Search Results for 'London Bridge'
5 results found.
THE LIFE, times, and personality of Maud Gonne will be vividly evoked in a new stage presentation by local theatre-makers Caroline Lynch and Sarah O’Toole, of Mephisto and Anam Theatre companies respectively. The show, which could be described as a dramatised lecture, takes place on Thursday February 26 at 1pm in NUI Galway’s Cube Theatre and admission is free.
In the days before television, computers, or iPads, children often had to be inventive to amuse themselves. When it came to street games they were well able to use their imaginations as they played games like Jackstones, O’Grady Says Do This, Tops, Queenie Queenie, Rover Red Rover, One Two Three Redlight, Jack Jack Show the Light, London Bridge is Falling Down, Cad, skipping, hobbies, marbles, and slides (in winter). Another traditional seasonal game, usually played in September, October, and November, was ‘conkers’ using the seeds of horse chestnut trees. The term conker applies to the tree as well as the seed and there are several theories as to where the name came from. The nut is found in a prickly case which falls from the tree. It is drilled using a nail, sometimes a compass (be careful not to stick yourself!), and then a piece of string is run through it with a knot tied at one end to secure the conker.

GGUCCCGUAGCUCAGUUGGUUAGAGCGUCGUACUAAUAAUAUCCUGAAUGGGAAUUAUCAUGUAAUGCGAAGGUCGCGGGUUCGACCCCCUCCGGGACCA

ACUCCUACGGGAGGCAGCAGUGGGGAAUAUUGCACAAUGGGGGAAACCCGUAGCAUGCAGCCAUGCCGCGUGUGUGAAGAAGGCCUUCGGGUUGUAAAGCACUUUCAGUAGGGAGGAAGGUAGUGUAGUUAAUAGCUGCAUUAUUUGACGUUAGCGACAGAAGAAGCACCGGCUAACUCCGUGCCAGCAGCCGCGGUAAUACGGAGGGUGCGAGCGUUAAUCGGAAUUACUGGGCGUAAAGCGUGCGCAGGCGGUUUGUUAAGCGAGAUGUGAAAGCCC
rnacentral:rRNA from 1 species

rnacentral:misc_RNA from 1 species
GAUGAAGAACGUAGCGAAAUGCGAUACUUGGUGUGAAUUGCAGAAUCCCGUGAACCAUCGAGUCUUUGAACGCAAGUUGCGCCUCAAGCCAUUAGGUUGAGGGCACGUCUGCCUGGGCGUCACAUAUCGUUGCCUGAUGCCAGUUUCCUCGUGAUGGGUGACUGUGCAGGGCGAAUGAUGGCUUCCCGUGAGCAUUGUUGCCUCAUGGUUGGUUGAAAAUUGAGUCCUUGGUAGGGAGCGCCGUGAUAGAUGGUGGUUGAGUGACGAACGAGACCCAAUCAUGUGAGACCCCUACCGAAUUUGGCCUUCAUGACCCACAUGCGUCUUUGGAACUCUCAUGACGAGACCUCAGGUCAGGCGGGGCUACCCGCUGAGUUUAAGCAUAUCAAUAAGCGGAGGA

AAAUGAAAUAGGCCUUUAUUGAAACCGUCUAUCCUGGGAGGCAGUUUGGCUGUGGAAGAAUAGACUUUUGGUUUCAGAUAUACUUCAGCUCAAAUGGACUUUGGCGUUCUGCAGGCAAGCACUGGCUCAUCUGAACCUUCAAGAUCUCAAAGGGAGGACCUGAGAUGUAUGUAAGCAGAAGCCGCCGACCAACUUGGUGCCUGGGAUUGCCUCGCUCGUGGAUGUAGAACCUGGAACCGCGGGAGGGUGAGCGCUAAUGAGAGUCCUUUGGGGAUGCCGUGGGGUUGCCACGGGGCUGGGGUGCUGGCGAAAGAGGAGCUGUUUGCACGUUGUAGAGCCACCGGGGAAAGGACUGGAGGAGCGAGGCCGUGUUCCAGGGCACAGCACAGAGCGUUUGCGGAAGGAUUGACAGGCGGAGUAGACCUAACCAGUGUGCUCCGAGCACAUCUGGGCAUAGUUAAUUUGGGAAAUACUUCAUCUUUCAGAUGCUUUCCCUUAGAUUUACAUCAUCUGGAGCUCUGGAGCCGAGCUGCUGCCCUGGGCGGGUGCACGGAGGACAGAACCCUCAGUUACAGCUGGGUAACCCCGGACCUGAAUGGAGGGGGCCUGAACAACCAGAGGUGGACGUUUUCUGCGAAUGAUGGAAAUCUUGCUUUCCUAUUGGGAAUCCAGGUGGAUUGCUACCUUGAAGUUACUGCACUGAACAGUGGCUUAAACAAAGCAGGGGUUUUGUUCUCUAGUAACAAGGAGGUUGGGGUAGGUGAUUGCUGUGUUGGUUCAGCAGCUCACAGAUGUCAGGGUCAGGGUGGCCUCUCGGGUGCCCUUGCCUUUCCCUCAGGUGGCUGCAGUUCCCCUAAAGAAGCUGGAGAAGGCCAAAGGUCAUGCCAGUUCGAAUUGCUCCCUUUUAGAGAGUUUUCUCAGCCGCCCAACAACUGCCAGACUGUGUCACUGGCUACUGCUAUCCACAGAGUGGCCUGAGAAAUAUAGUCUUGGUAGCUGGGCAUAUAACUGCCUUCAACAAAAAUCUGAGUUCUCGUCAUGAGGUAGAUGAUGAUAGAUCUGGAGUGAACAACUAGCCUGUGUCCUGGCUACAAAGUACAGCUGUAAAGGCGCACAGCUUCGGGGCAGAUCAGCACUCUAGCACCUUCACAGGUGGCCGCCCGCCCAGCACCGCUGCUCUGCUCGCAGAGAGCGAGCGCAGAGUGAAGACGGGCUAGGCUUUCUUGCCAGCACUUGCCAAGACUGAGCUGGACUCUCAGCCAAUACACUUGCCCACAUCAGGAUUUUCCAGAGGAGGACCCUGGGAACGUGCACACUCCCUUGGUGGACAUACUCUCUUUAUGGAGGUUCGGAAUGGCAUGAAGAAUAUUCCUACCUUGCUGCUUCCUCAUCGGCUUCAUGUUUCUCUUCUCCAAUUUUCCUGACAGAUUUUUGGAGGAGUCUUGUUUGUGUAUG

Mark Hand of Hand Built Designs, originally from Athlone, recently received the accolade of most outstanding designer in the inaugural Marion John Design Awards initiated by The Federation of Kitchen and Bathroom Designers.
Thursday’s highlight, the Guinness Galway Hurdle, is the richest race of its kind in the land and a total of 74 entries greeted senior handicapper Noel O'Brien who awarded last year’s controversial beaten favourite The Real Article top weight of 11st 10lbs, 5lbs above last year’s hero Moon Dice, with the Edward Harty trained Captain Cee Bee just one pound lower in the ratings.
Westmeath Rural Arts are launching a film club in Sonna Hall on Friday May 7 at 8pm with the showing of a selection of films with Westmeath connections. The feature film for this first Film Friday will be The First Great Train Robbery (1979), directed by Michael Crichton and starring Sean Connery and Donald Sutherland, a significant part of which was filmed in Westmeath.